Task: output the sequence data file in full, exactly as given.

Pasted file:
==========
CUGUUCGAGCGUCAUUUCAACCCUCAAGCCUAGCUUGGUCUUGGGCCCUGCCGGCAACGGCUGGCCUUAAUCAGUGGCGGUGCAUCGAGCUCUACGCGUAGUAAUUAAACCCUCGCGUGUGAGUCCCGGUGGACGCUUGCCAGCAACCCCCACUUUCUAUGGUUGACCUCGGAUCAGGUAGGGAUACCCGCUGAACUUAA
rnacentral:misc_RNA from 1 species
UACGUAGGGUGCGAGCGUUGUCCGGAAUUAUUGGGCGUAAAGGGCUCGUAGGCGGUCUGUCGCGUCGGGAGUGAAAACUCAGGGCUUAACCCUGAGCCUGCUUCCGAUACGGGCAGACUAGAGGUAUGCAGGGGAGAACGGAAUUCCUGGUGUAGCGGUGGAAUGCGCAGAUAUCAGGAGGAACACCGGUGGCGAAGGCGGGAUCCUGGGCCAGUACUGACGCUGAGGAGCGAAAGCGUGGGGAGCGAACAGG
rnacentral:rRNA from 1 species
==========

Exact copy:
CUGUUCGAGCGUCAUUUCAACCCUCAAGCCUAGCUUGGUCUUGGGCCCUGCCGGCAACGGCUGGCCUUAAUCAGUGGCGGUGCAUCGAGCUCUACGCGUAGUAAUUAAACCCUCGCGUGUGAGUCCCGGUGGACGCUUGCCAGCAACCCCCACUUUCUAUGGUUGACCUCGGAUCAGGUAGGGAUACCCGCUGAACUUAA
rnacentral:misc_RNA from 1 species
UACGUAGGGUGCGAGCGUUGUCCGGAAUUAUUGGGCGUAAAGGGCUCGUAGGCGGUCUGUCGCGUCGGGAGUGAAAACUCAGGGCUUAACCCUGAGCCUGCUUCCGAUACGGGCAGACUAGAGGUAUGCAGGGGAGAACGGAAUUCCUGGUGUAGCGGUGGAAUGCGCAGAUAUCAGGAGGAACACCGGUGGCGAAGGCGGGAUCCUGGGCCAGUACUGACGCUGAGGAGCGAAAGCGUGGGGAGCGAACAGG
rnacentral:rRNA from 1 species